As an exchange student from China, I just finished my first (and last) winter break in North Dakota. I finished my finals in late December and checked out of my dorm room to spend the vacation in the city of Grand Forks. Maia Randclev, my best American friend, invited me to spend Christmas with her […]

The November Holiday You Haven’t Heard Of

by Sebastian - Posts (17). Posted Monday, November 28th, 2011 at 4:58 pm

As November is on its last couple of days, I would like to look back on what these past few weeks have left us international students, living in our surrogate home. Many of us Student Union bloggers will probably be talking about Thanksgiving, a truly American holiday, and I will too, but I believe there […]

My First Thanksgiving

by Nicholas Lau - Posts (6). Posted Monday, November 28th, 2011 at 2:39 pm

It has been around three months since I arrived in the United States, and I’m still always excited to experience new things, especially those exclusive to America, adding to my long list of firsts. Last week, my new first was celebrating Thanksgiving in the historic city of Charleston, South Carolina. On the beautiful Thanksgiving morning, […]

5 Weird Things That Happen on American Thanksgiving

by Jessica Stahl - Posts (449). Posted Wednesday, November 23rd, 2011 at 6:46 pm

The fourth Thursday of November is the American holiday of Thanksgiving.  It’s one of America’s most deeply-held national traditions, and one that we love to show off to foreign students.  A day to eat good food in the company of loved ones and give thanks for what we have – what could be nicer? But […]

Why a School-full of Americans Now Know About Nepal (SHARING is CARING!)

by Abhushan Gautam - Posts (2). Posted Sunday, October 23rd, 2011 at 3:05 pm

“Namaste! I am Abhushan and I am from Nepal.” “Really? Have you ever climbed Mt. Everest?” “Do you live in the mountains?” “Do you pet Yetis back in Nepal?” “Yes, I am from Nepal.” “No I haven’t climbed Mt. Everest because it is at a whopping altitude of 8850 meters.” “I live in a big […]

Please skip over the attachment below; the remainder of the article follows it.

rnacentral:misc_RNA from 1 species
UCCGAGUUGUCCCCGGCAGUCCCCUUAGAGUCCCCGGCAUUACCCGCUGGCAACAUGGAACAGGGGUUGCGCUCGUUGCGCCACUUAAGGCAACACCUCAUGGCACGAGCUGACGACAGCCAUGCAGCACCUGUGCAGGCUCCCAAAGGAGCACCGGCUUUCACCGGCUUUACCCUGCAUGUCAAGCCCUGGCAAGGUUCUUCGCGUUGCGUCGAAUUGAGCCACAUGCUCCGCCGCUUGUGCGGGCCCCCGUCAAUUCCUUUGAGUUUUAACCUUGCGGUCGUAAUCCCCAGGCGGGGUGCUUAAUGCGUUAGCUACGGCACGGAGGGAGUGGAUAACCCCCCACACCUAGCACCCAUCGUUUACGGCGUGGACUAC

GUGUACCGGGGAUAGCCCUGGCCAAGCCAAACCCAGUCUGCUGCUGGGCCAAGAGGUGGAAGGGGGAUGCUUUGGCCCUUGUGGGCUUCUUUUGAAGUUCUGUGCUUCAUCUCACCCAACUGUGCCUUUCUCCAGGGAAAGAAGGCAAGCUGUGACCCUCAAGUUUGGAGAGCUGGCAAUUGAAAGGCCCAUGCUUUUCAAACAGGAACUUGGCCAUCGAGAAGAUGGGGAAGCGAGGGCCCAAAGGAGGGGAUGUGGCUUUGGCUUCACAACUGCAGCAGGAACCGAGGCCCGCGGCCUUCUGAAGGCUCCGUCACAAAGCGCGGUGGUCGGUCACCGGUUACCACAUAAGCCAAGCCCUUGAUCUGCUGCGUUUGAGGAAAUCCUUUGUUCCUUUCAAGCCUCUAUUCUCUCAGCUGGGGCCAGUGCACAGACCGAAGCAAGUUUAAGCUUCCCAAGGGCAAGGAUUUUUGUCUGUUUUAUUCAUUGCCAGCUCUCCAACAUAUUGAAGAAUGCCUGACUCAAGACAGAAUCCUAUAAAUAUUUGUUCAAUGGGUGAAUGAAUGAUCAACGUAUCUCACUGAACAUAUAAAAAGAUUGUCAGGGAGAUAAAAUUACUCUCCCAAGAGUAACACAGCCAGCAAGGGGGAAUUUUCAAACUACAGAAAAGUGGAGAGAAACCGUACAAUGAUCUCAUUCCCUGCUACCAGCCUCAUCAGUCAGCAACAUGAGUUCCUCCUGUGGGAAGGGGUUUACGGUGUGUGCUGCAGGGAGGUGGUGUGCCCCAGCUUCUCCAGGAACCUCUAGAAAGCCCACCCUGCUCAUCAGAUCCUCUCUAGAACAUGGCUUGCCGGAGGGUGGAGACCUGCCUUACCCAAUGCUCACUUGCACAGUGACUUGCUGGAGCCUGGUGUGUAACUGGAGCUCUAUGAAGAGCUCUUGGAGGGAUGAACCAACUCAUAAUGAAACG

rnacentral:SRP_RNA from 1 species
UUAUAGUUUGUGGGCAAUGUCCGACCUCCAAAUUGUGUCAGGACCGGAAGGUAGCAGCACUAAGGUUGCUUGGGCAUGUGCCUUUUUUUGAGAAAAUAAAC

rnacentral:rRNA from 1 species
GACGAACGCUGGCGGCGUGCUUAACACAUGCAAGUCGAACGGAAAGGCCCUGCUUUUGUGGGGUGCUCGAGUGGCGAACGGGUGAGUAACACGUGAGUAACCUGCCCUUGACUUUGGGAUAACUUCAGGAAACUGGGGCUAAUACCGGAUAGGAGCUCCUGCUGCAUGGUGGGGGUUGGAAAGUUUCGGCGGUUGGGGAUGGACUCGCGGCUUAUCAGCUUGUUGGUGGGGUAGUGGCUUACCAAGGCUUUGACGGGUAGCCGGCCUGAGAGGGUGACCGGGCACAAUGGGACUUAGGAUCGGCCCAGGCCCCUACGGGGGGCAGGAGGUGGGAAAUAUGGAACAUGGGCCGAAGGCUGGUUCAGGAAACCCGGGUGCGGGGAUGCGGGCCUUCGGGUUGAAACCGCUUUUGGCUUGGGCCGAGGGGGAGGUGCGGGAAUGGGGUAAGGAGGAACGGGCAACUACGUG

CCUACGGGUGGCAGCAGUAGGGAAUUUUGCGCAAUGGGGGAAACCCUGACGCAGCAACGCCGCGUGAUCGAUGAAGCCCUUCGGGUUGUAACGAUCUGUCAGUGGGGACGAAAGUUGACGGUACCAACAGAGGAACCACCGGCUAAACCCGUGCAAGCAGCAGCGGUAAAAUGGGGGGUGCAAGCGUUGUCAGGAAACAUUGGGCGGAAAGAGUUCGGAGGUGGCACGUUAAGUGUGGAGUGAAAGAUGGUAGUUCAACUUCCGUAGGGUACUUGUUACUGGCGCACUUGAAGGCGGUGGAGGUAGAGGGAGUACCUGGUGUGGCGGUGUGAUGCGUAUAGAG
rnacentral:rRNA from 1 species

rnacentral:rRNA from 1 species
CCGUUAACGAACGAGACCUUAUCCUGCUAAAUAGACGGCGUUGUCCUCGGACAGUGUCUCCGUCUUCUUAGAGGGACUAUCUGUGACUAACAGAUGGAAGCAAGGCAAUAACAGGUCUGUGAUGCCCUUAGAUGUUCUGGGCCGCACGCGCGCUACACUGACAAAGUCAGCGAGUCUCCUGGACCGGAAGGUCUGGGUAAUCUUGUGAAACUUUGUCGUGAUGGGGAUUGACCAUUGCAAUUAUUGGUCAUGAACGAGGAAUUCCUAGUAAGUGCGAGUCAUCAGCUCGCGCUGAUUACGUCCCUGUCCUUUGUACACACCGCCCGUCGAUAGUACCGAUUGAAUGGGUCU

Some Personal Favorites from the Past Year: Cultures, Subcultures, and Love

by Jessica Stahl - Posts (449). Posted Friday, June 17th, 2011 at 2:55 pm

I did a similar list at Christmas time, so I won’t repeat any of the posts I listed there. Take a look back at that post from December 2010 to see some previous favorites worth checking out. Top 5 personal favorites #1) We Are Not Terrorists: Muslim Experiences on Campus, Question of the Week Also:My […]

A New Start: Nawroz in Afghanistan and America

by Farima Afaq - Posts (7). Posted Friday, March 25th, 2011 at 10:26 am

The new year in Afghanistan is called Nawroz (sometimes spelled Nowruz or Nawruz in English). The first day of the Afghan month Hamal, which falls on the 21st of March, was the first day of the new year in Afghanistan and some other countries. This day is considered one of the biggest holidays of the […]

Rabbits Invade US Colleges for the Spring Festival

by Jessica Stahl - Posts (449). Posted Monday, February 7th, 2011 at 12:22 pm

Last week, Tara talked about celebrating the Chinese New Year at the University of Southern California.  Tara decided to let the holiday pass with little fanfare, although her campus Chinese Students Association throws a Spring Festival Gala with food and performances. It’s not only at USC where you can find ways to get in the […]